Publication Date


Document Type


Committee Members

Gerald Alter (Advisor), David Cool (Committee Member), Lawrence Prochaska (Committee Member), Michael Raymer (Committee Member), Nicholas Reo (Committee Member)

Degree Name

Doctor of Philosophy (PhD)


Human Replication Protein A (RPA) is a heterotrimeric protein consisting of 70, 32, and 14 kDa subunits. RPA is the predominant single stranded DNA binding protein within the cell. It is involved in all forms of the DNA metabolic pathways, including but not limited to, replication, recombination, damage repair, as well as cell cycle and DNA check point signaling. RPA is phosphorylated (pRPA) during G1-S phase and is dephosphorylated during M phase. Further, RPA is hyperphosphorylated during DNA damage. Through the use of x-ray crystallography and nuclear magnetic resonance, researchers have proposed models and structures based on truncated portions of the protein. Currently, there are no x-ray crystallographic or NMR models for the full RPA heterotrimer. Our lab, using chemical modification reactivity analysis data (MRAN) and simulated annealing, has a proposed model for the complete structure of native RPA unbound to ssDNA.

To further refine models for the complete structure of RPA, we have used a series of experiments in which the structure of RPA was probed via Chemical Modification Reactivity Analysis (MRAN). Specifically, lysines within RPA were probed by sulfo-NHS-acetate and aspartates and glutamates were probed with N-(3-dimethylaminopropyl)-N'-ethylcarbodiimide hydrochloride (EDC) chemical reagents under conditions in which RPA was in native, phoshphorylated, single strand DNA (ssDNA) bound, and phosphorylated ssDNA bound states to determine the structural changes that result from different binding and phosphorylation states. Chemical modification and exhaustive proteolysis were used in conjunction with MALDI-TOF mass spectrometry to determine local and global structural changes that occur within the protein under each specific reaction condition.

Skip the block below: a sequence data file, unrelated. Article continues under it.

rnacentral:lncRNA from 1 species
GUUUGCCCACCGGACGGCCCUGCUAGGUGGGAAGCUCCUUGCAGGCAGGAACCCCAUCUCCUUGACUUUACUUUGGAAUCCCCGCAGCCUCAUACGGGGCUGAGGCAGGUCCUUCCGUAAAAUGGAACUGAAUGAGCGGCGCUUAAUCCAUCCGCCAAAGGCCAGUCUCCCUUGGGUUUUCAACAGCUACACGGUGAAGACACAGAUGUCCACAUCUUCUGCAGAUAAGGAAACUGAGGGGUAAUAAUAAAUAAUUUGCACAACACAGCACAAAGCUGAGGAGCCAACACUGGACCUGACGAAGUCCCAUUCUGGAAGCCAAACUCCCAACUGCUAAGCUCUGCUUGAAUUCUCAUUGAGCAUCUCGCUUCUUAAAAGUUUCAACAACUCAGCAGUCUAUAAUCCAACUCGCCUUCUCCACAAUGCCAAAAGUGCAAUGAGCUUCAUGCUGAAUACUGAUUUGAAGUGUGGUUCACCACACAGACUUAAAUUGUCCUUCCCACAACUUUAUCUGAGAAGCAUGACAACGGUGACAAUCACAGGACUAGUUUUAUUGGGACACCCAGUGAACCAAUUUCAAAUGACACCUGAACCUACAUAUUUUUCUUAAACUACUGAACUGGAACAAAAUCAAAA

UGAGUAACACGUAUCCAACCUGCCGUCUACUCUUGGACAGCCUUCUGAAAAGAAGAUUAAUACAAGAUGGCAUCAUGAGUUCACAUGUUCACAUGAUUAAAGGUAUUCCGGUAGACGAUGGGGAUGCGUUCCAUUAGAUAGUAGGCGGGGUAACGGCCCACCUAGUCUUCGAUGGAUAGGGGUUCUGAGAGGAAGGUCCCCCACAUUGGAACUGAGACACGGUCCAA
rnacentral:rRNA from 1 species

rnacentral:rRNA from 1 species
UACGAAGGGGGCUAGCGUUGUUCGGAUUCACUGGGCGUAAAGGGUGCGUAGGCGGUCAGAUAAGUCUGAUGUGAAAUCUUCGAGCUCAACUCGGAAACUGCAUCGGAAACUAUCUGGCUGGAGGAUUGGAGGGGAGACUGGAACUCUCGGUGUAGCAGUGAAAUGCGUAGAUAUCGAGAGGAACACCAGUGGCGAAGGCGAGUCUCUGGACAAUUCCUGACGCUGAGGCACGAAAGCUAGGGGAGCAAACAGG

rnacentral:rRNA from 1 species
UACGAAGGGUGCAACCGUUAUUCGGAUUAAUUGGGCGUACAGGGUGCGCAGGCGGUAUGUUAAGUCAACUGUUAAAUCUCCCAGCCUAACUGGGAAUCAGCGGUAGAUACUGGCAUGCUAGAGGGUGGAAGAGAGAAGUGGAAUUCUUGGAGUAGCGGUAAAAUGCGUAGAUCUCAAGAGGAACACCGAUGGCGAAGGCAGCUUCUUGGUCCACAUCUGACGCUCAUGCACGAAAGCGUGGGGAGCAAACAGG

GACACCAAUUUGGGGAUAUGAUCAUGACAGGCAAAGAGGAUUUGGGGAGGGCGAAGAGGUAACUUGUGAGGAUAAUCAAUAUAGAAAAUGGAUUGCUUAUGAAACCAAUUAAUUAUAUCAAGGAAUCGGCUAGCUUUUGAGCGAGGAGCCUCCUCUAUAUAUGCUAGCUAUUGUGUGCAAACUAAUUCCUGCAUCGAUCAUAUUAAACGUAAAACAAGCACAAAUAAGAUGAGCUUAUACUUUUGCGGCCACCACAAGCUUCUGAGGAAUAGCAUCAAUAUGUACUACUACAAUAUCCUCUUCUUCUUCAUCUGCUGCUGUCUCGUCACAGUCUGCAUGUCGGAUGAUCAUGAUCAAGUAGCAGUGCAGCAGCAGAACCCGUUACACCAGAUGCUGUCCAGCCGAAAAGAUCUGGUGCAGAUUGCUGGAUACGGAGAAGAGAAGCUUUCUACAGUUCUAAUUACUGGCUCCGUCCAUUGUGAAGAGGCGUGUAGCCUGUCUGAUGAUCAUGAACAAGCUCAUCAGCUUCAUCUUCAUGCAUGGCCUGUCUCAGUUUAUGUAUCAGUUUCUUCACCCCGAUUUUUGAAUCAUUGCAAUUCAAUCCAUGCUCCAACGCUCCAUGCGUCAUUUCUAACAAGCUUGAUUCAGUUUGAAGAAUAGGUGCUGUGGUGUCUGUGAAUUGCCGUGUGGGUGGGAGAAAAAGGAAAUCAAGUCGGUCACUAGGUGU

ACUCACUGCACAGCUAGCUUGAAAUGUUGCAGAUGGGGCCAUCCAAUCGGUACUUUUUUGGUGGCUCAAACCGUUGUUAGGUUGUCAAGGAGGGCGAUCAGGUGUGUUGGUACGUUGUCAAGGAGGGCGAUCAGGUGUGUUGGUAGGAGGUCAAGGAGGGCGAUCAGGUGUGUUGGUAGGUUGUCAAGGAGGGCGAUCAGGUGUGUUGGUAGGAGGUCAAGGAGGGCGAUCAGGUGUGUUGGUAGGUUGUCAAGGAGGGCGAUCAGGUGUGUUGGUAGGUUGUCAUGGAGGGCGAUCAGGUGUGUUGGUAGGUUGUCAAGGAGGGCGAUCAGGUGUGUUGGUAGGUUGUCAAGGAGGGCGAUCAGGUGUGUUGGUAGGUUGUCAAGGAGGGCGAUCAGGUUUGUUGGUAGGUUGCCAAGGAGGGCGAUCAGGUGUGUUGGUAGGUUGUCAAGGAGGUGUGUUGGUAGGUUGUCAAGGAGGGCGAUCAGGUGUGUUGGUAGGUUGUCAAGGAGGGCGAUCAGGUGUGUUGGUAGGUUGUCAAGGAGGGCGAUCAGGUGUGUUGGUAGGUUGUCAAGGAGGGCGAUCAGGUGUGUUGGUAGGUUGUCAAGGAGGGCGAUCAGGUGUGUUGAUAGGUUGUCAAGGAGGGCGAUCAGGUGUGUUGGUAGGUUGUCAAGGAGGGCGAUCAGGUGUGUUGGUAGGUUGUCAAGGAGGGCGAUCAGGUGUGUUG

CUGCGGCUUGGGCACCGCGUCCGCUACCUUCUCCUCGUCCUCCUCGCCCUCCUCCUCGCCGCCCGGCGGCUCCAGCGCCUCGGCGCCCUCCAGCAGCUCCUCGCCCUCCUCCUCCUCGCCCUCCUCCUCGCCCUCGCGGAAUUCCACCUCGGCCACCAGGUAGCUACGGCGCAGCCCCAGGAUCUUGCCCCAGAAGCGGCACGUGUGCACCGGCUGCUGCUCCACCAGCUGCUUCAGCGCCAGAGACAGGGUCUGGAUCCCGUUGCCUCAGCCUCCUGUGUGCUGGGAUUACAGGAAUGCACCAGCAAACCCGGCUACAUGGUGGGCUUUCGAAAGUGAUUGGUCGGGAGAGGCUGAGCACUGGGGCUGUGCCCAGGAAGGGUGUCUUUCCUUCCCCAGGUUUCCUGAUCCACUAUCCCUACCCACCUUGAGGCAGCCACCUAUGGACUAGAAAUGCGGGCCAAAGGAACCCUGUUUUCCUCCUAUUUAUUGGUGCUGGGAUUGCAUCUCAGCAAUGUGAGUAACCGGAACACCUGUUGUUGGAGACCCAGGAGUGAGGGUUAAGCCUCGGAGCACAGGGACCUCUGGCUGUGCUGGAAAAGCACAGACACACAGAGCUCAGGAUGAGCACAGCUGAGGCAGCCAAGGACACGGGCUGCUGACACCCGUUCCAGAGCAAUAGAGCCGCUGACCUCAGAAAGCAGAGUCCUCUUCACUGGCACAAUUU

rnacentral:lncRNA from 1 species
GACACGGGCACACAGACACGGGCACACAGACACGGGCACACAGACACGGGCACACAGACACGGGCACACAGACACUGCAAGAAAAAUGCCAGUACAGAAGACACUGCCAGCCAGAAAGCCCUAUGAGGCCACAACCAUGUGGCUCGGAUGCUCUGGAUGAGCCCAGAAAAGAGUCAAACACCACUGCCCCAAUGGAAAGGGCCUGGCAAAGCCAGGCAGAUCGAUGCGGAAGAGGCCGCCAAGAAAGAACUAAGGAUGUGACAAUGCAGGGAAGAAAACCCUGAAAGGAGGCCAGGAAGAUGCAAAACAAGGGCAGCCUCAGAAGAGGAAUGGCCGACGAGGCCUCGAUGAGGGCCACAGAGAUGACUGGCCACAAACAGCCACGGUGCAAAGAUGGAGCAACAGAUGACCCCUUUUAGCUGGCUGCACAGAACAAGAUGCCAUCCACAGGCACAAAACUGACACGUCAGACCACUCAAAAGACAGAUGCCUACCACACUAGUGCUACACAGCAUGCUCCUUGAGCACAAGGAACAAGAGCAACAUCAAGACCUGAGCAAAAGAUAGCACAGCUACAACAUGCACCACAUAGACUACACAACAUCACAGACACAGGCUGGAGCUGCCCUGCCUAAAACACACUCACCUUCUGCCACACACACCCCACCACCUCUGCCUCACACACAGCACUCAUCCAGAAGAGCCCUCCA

Through the use of photochemical crosslinks between RPA and dT30 ssDNA, the sites and specific amino acids involved in binding between RPA and ssDNA were mapped. All DNA binding domains (DBDs) of the heterotrimer were shown to interact with the ssDNA including the 14 kDa subunit (DBD E). The interaction between DBDs A, B, C, D, and F coincided with reports of the interaction between RPA and ssDNA. Our data for the interaction between DBD E of the 14 kDa subunit and ssDNA provides a strong argument that the 14kDa subunit is involved in at least one mechanism of ssDNA binding within the cell. MRAN data further suggests that the modular rearrangement of RPA is necessary, and that RPA goes from a compact conformation with DBDs A & B docked to the trimerization core in the ligand-free state to an extended conformation in which DBDs A & B are extended by a tethered region away from the trimerization core of RPA when bound to ssDNA.

Further, the structural analysis of RPA and pRPA through chemical modification reactivity analyses in both apo and ssDNA bound states provides greater detail of the local conformational changes that the heterotrimer undergoes between these states. This data suggests that RPA and pRPA are similar and that the molecule undergoes specific local changes due to changes in electrostatic and hydrophobic potential of specific amino acids within each domain. It further demonstrates that the local changes in surface accessibility do not affect global structure of the domains, or of the molecule as a whole, but rather represents minor changes that influence specific amino acid-ligand interactions. The data suggest that RPA and pRPA undergo a significant rearrangement when bound to ssDNA. The dissociation of DBDs A & B from the trimerization core represents a significant change in structure from the ssDNA free state. Evaluation of these changes in relation to proposed structures for RPA allows for targeted adjustments to the proposed models to better fit experimental data and gives a more accurate representation of the structure in solution under each reaction condition.

Page Count


Department or Program

Biomedical Sciences

Year Degree Awarded